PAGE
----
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SECTION 6 – Oncology



Chapter 47 – Uveal melanoma

Zélia MS Corręa,
J William Harbour

Clinical background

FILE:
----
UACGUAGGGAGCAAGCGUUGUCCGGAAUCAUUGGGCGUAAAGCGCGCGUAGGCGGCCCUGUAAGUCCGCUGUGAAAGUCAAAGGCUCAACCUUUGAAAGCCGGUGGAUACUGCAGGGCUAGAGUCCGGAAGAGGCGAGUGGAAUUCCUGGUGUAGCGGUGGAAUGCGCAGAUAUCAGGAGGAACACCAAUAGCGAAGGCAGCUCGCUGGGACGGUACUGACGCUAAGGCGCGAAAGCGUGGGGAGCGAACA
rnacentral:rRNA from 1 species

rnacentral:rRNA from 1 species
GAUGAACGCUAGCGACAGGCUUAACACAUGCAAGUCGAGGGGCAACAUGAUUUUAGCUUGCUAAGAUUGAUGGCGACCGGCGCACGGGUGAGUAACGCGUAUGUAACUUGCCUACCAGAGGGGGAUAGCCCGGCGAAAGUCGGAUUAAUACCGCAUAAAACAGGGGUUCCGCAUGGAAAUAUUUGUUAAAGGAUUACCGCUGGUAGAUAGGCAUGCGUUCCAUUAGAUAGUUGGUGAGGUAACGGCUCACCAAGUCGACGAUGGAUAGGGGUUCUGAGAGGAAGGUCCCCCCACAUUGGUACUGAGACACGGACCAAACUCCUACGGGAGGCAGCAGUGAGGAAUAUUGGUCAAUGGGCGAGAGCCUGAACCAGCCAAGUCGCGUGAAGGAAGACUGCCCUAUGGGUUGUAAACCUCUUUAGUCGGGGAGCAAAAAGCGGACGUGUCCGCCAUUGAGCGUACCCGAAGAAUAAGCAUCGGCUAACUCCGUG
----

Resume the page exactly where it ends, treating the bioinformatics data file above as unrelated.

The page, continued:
Uveal melanoma is a malignant neoplasm that arises from neuroectodermal melanocytes within the choroid, ciliary body, or iris, and it is the most common primary malignant intraocular neoplasm.[1,2] Uveal melanoma can cause flashes, floaters, and other visual symptoms, but it is most often asymptomatic and discovered on routine eye examination (Box 47.1). These tumors can range from minimally to darkly pigmented, usually grow slowly, and invade through the sclera to involve the orbit (Figure 47.1). Uveal melanomas have a strong tendency to metastasize hematogenously to the liver and other organs. Despite advances in diagnosis and treatment in recent decades, the mortality rates have not exhibited a commensurate improvement.[3] Uveal melanoma occurs in about 4–5 per million individuals in the USA, and it is much more common in Caucasians than in individuals of African and Asian descent.[4]Men are at …